Do People Regret Their Unhealthy Behaviors?
If you want to change your behavior, anticipating the regret you’ll feel before you act can be a strong deterrent.
Think about that sinfully delicious cake you will have for dessert tonight. You probably feel guilty already.
Indeed, that level of regret you feel even before you indulge may be higher than what you’ll feel just after you actually consume all those calories, according to new research by Manoj Thomas, Nakashimato Professor and associate professor of marketing at the Samuel Curtis Johnson Graduate School of Management, and Helen Chun, associate professor of services marketing at Cornell’s School of Hotel Administration.
Chun and Thomas co-authored the research with Joowon Park, MS ’15, PhD ’17, who earned his graduate degrees at Johnson and is an assistant professor at the City University of Hong Kong. (“Cold Anticipated Regret versus Hot Experienced Regret: Why Consumers Fail to Regret Unhealthy Consumption,” Journal of the Association for Consumer Research, University of Chicago Press, vol. 4, no 2. [April 2019]: 125–135).
“Cold” vs. “hot” regret and denial
Because regret helps us remember our mistakes and avoid repeating them, it can play an important role in helping us modify behavior, especially unhealthful or otherwise undesirable conduct such as overeating. But regret is hard to pin down.
“Regret is a momentary experience that changes with timing and context because of various latent psychological processes,” says Thomas.
Specifically, the researchers say, when you think about engaging in self-defeating or otherwise undesirable behavior, you’re temporally distant from it and can evaluate it calmly and deliberately, producing a “cold” and unemotional “anticipated” regret. The same is true when you think about something bad you did a few hours or days ago. But immediately after you commit an undesirable action, you’re red-faced and in a state of emotional and “hot” regret. Your natural psychological defensive mechanism kicks in, putting you in a state of denial to preserve your sense of self.
“As human beings, we want to protect our ego and identity, so after engaging in behavior that threatens our sense of self, our immediate response is to deny,” says Chun. That defensive psychological response reduces the intensity of your “hot” regret to a level even lower than what you felt prior to your action.
And that reduction has real consequences for our future behavior, adds Thomas. “By lowering regret, that psychological immune system also lowers regret’s beneficial effects of helping you remember and avoid mistakes,” he says.
Tiramisu and chocolate … or not?
The researchers conducted a field study of about 400 diners at the upscale restaurant in Cornell’s Statler Hotel, Taverna Banfi, known for its dessert buffet of tiramisu torta, chocolate crunch, and other treats. Customers in the “anticipated regret” group, who took a survey before the meal, stated whether they planned to eat lunch and dessert and indicated on a numerical scale the level of misgiving they anticipated about having dessert. The “experienced regret” group, who took surveys after the meal, indicated if they had lunch and dessert and how much regret they actually felt. The surveys also asked guests if they were trying to lose weight.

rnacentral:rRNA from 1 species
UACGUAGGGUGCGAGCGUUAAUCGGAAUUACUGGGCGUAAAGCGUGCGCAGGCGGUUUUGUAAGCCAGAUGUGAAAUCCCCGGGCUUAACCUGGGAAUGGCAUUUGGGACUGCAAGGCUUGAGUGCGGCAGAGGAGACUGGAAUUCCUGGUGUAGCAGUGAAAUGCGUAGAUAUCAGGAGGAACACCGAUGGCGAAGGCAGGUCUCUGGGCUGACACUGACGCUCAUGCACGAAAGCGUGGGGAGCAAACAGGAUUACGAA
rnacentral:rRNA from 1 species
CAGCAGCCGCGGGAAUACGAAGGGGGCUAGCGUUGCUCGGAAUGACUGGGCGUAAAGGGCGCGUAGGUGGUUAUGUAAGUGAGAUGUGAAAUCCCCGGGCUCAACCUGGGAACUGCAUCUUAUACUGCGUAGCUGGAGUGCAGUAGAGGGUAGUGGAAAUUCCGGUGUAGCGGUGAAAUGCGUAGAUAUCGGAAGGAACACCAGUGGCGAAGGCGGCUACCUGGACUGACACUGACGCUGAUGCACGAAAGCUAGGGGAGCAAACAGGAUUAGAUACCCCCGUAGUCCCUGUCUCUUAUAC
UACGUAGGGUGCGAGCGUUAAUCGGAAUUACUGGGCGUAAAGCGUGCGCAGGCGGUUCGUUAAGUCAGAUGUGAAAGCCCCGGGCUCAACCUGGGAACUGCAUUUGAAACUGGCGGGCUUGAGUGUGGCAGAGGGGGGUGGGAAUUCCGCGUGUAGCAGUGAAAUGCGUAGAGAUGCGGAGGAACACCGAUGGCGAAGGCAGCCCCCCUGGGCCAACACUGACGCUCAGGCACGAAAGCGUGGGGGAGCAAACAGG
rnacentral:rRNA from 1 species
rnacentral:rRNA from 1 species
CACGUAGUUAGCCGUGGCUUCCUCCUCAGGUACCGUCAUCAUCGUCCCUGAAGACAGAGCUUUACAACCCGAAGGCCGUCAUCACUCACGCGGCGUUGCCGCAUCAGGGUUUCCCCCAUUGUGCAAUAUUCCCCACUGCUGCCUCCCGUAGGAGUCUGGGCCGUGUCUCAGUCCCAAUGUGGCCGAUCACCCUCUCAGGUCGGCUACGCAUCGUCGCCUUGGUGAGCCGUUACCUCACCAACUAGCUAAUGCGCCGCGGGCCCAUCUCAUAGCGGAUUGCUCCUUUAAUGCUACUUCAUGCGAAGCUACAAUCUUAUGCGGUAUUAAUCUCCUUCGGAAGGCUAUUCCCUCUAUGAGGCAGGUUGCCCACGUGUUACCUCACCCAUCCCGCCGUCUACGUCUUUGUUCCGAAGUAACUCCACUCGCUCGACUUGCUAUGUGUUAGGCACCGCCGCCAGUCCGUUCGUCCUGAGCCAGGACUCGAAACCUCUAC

Results showed that among both dieters and non-dieters, the levels of regret anticipated prior to the meal were higher than levels of actual regret experienced just afterwards. Differences in regret levels were greater among those aiming to lose weight, suggesting that those dieters who ate dessert realized that their behavior derailed their progress and had a “hot” psychological reaction that suppressed their immediate post-dessert regret.
The results suggest that efforts to change behavior should focus on confronting people before they act, when their level of regret is high. An antismoking initiative, for instance, might encourage smokers to “think of the next time you smoke and the harm you’ll do to your lungs” instead of asking them to “think about that last cigarette you smoked and the harm you caused to your lungs.” Because of the intense negative emotion that accompanies regret, creating a high level of misgiving in smokers prior to a cigarette may boost their chances of quitting, the researchers say.
“Making people anticipate regret beforehand would be a stronger motivator to change their behavior than making them reflect on how bad they feel afterwards,” says Chun.
About the authors
Manoj Thomas, Nakashimato Professor and associate professor of marketing at Johnson, is a behavioral scientist who trains executives and MBA students to use behavioral science for smarter marketing decisions. An expert on behavioral pricing, he has identified several interesting psychological effects that provide insights into how consumers evaluate prices and make purchase decisions.
Helen Chun is an associate professor of services marketing at Cornell’s School of Hotel Administration. Her research focuses on managing and enhancing consumer experience in the service setting with particular interests in the customer experience design, the role of emotions in consumer experience, branding, and prosocial and sustainability-related marketing issues.